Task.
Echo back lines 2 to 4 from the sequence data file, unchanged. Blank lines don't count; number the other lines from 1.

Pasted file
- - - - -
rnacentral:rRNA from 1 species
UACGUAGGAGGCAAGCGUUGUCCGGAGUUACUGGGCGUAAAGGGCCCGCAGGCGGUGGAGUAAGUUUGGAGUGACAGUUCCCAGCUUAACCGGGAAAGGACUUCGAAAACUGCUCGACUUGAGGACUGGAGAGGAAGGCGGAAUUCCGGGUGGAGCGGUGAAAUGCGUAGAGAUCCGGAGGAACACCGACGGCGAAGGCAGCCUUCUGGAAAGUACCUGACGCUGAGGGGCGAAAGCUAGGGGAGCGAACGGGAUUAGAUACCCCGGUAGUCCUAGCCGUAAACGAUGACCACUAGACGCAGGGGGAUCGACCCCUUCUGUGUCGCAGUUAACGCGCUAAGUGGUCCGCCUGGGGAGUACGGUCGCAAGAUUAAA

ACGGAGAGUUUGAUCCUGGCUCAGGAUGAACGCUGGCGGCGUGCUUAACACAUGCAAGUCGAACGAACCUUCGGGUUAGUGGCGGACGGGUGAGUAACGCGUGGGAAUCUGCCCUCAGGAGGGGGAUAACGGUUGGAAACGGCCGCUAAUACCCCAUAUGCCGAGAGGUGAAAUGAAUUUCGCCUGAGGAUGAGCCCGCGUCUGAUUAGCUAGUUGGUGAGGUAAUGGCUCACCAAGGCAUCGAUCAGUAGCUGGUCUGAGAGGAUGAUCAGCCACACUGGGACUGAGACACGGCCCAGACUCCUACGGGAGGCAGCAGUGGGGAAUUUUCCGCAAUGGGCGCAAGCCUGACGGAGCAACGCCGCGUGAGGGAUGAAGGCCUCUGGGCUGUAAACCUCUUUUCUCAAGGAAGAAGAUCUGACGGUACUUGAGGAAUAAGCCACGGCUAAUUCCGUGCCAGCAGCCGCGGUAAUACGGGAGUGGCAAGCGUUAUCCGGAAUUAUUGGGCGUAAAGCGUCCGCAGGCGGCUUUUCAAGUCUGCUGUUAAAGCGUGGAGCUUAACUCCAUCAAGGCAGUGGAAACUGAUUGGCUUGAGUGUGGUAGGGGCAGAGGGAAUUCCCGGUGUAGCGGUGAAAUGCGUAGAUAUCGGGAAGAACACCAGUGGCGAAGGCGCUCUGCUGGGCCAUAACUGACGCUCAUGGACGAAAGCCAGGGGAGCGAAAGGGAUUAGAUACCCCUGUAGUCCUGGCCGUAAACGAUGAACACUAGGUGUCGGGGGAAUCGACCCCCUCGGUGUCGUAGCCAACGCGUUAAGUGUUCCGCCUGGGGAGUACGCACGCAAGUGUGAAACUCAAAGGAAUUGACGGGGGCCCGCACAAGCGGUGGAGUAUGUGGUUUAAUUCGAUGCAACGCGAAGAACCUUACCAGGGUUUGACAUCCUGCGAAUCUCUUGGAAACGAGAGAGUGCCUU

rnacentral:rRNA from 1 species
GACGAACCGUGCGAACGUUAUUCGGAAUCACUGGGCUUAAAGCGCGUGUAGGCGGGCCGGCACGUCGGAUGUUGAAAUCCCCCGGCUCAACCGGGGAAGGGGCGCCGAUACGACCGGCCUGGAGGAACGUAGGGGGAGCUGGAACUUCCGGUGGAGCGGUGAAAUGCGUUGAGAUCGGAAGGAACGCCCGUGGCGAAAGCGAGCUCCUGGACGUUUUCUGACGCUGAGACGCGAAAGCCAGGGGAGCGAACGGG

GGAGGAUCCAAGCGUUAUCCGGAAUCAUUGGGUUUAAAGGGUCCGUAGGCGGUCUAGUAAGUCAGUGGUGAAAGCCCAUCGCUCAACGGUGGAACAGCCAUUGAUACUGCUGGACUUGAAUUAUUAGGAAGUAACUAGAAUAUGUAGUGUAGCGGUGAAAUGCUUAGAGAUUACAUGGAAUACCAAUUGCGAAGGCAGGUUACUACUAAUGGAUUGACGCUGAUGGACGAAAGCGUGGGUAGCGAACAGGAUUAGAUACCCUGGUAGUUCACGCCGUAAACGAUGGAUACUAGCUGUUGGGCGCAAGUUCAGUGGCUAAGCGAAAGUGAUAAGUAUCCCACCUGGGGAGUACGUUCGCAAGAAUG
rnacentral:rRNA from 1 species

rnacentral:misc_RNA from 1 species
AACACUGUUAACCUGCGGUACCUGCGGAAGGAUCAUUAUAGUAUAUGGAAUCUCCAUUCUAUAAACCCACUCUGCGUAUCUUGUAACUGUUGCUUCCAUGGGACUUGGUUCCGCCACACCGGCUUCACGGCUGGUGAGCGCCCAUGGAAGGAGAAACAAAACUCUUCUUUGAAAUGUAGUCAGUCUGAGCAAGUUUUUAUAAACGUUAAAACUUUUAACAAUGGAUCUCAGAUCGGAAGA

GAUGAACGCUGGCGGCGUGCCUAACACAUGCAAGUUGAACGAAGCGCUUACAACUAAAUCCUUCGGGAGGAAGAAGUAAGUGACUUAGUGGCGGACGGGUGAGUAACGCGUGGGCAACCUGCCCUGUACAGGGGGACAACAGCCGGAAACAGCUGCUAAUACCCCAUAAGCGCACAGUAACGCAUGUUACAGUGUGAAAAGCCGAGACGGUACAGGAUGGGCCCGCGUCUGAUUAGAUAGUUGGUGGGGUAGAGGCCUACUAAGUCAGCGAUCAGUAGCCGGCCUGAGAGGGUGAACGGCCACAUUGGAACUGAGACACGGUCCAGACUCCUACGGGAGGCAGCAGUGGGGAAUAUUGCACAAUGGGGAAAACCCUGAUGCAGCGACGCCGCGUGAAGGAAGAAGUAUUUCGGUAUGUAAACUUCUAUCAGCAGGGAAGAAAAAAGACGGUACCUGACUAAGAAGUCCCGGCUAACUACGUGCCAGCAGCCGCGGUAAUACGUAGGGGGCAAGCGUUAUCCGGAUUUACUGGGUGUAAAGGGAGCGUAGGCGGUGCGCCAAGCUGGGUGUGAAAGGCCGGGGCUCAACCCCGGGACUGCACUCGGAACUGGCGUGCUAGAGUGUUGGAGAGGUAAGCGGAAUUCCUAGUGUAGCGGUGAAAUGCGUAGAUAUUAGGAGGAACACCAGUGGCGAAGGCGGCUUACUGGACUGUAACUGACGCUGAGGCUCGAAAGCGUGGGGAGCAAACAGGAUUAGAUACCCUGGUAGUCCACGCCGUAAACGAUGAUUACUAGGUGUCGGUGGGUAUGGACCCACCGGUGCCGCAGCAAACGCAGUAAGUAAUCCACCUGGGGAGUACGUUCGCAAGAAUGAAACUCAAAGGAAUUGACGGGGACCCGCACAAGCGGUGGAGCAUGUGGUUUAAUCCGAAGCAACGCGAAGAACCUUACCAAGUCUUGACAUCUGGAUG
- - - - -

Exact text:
UACGUAGGAGGCAAGCGUUGUCCGGAGUUACUGGGCGUAAAGGGCCCGCAGGCGGUGGAGUAAGUUUGGAGUGACAGUUCCCAGCUUAACCGGGAAAGGACUUCGAAAACUGCUCGACUUGAGGACUGGAGAGGAAGGCGGAAUUCCGGGUGGAGCGGUGAAAUGCGUAGAGAUCCGGAGGAACACCGACGGCGAAGGCAGCCUUCUGGAAAGUACCUGACGCUGAGGGGCGAAAGCUAGGGGAGCGAACGGGAUUAGAUACCCCGGUAGUCCUAGCCGUAAACGAUGACCACUAGACGCAGGGGGAUCGACCCCUUCUGUGUCGCAGUUAACGCGCUAAGUGGUCCGCCUGGGGAGUACGGUCGCAAGAUUAAA

ACGGAGAGUUUGAUCCUGGCUCAGGAUGAACGCUGGCGGCGUGCUUAACACAUGCAAGUCGAACGAACCUUCGGGUUAGUGGCGGACGGGUGAGUAACGCGUGGGAAUCUGCCCUCAGGAGGGGGAUAACGGUUGGAAACGGCCGCUAAUACCCCAUAUGCCGAGAGGUGAAAUGAAUUUCGCCUGAGGAUGAGCCCGCGUCUGAUUAGCUAGUUGGUGAGGUAAUGGCUCACCAAGGCAUCGAUCAGUAGCUGGUCUGAGAGGAUGAUCAGCCACACUGGGACUGAGACACGGCCCAGACUCCUACGGGAGGCAGCAGUGGGGAAUUUUCCGCAAUGGGCGCAAGCCUGACGGAGCAACGCCGCGUGAGGGAUGAAGGCCUCUGGGCUGUAAACCUCUUUUCUCAAGGAAGAAGAUCUGACGGUACUUGAGGAAUAAGCCACGGCUAAUUCCGUGCCAGCAGCCGCGGUAAUACGGGAGUGGCAAGCGUUAUCCGGAAUUAUUGGGCGUAAAGCGUCCGCAGGCGGCUUUUCAAGUCUGCUGUUAAAGCGUGGAGCUUAACUCCAUCAAGGCAGUGGAAACUGAUUGGCUUGAGUGUGGUAGGGGCAGAGGGAAUUCCCGGUGUAGCGGUGAAAUGCGUAGAUAUCGGGAAGAACACCAGUGGCGAAGGCGCUCUGCUGGGCCAUAACUGACGCUCAUGGACGAAAGCCAGGGGAGCGAAAGGGAUUAGAUACCCCUGUAGUCCUGGCCGUAAACGAUGAACACUAGGUGUCGGGGGAAUCGACCCCCUCGGUGUCGUAGCCAACGCGUUAAGUGUUCCGCCUGGGGAGUACGCACGCAAGUGUGAAACUCAAAGGAAUUGACGGGGGCCCGCACAAGCGGUGGAGUAUGUGGUUUAAUUCGAUGCAACGCGAAGAACCUUACCAGGGUUUGACAUCCUGCGAAUCUCUUGGAAACGAGAGAGUGCCUU

rnacentral:rRNA from 1 species